We sculpted meandering pathways on both sides of the property, creating a soft and welcoming walk along the gardens. A stepping stone pathway of concrete sand dollars leads guests through the “cut flower” garden, which we planted so that we and our guests can enjoy fresh-cut flowers throughout the season. We intentionally chose plants that attracted butterflies, hummingbirds, bumblebees and feathered friends. In 2012 there were three stars of the garden:

  • The Mexican Petunia (Ruellia brittoniana) lines the perimeter of the property with glorious purple blooms. It is a magical plant which drops its blooms daily and starts the next day with a full bounty of purple flowers.
  • The vibrant red Amaranthus, which were planted as an after-thought around the crepe myrtle, are the most asked about flower of the entire landscape.
  • The red and orange milkweed (Asclepias curassavica) was the surprise flower of the summer. We learned this plant attracts an incredible amount of Monarch Butterflies for its nectar and that the Monarch Butterfly caterpillars eat the leaves of this plant exclusively. The beauty of this plant is captivating and knowing the science behind it is a real bonus!

Also putting thought into adding to being as “green” as possible by adding rain barrels around the property and selecting drought tolerant plants as much as possible. Tammy’s Master Gardener resources came in handy, doing much research and observations of other gardens before settling on the best plants for the grounds.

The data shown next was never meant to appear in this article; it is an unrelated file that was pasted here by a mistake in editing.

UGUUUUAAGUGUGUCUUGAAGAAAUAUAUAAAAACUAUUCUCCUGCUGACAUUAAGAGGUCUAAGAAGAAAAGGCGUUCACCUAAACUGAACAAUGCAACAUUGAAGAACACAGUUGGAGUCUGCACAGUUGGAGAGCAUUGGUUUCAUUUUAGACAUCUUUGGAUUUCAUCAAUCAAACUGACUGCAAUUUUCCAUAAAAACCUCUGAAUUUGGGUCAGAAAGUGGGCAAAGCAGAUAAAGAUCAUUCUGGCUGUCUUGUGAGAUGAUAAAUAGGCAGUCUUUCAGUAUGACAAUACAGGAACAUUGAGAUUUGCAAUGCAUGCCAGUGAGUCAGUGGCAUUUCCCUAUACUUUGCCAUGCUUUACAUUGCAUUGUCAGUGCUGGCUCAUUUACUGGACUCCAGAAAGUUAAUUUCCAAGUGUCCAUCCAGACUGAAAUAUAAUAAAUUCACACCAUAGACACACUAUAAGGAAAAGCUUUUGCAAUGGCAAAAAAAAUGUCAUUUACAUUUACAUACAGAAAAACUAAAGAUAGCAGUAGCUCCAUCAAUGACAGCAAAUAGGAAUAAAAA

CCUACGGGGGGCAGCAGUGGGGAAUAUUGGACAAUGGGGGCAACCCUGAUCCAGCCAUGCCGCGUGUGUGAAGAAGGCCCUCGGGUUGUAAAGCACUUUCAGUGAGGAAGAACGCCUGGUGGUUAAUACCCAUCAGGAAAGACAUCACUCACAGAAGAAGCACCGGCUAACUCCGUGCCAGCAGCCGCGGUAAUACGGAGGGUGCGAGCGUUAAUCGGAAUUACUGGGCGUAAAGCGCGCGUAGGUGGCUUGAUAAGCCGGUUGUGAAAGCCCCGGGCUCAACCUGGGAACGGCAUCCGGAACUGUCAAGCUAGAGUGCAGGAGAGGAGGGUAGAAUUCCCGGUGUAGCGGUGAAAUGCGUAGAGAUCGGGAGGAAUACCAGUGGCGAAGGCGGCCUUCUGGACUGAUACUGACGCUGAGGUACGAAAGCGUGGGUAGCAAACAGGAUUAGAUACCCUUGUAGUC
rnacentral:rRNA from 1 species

On the west side of the house is the more expressive portion of the landscape, where we set up Adirondack chairs under our lone palm on a bed of crushed oyster/clam shells.  Innkeeper Tammy is a lifelong Jimmy Buffett fan — officially known as a “Parrot Head” — so you know it is always “Five o’ Clock” at Bay Haven Inn of Cape Charles…well at least in this little nook of the property! We believe this area brings a bit of Key West to Cape Charles; after all, they both have remarkable sunsets. This make-over began in July 2011 and was completed by the end of summer 2012, but all gardeners know it is always a work in progress. We can now sit as the sun is setting and enjoy our landscaped “haven” — which is just what we needed after hundreds of hours of sweating, hauling, digging and planting to complete this landscape transformation.

Once the gardens surrounding the house were transformed, we set out to create our vegetable and herb gardens. We grow many of our starter plants from seed, often the most unique heirloom seeds that we can find. Our guests benefit from these gardens as we share the bounty in our “Farm to Fork” breakfasts. As we are blessed with such a plentiful bounty, you will often find us “putting up” all types of garden harvest. And during the summer months, guests are able to enjoy the gardens in a “pick your own” harvest, leaving them with fresh vegetables and herbs to take home.

We enjoy strolling through the gardens with guests and sharing our story, hearing their stories, or helping with challenges in their gardens. Our gardens are a laborious gift of love that we are honored to share.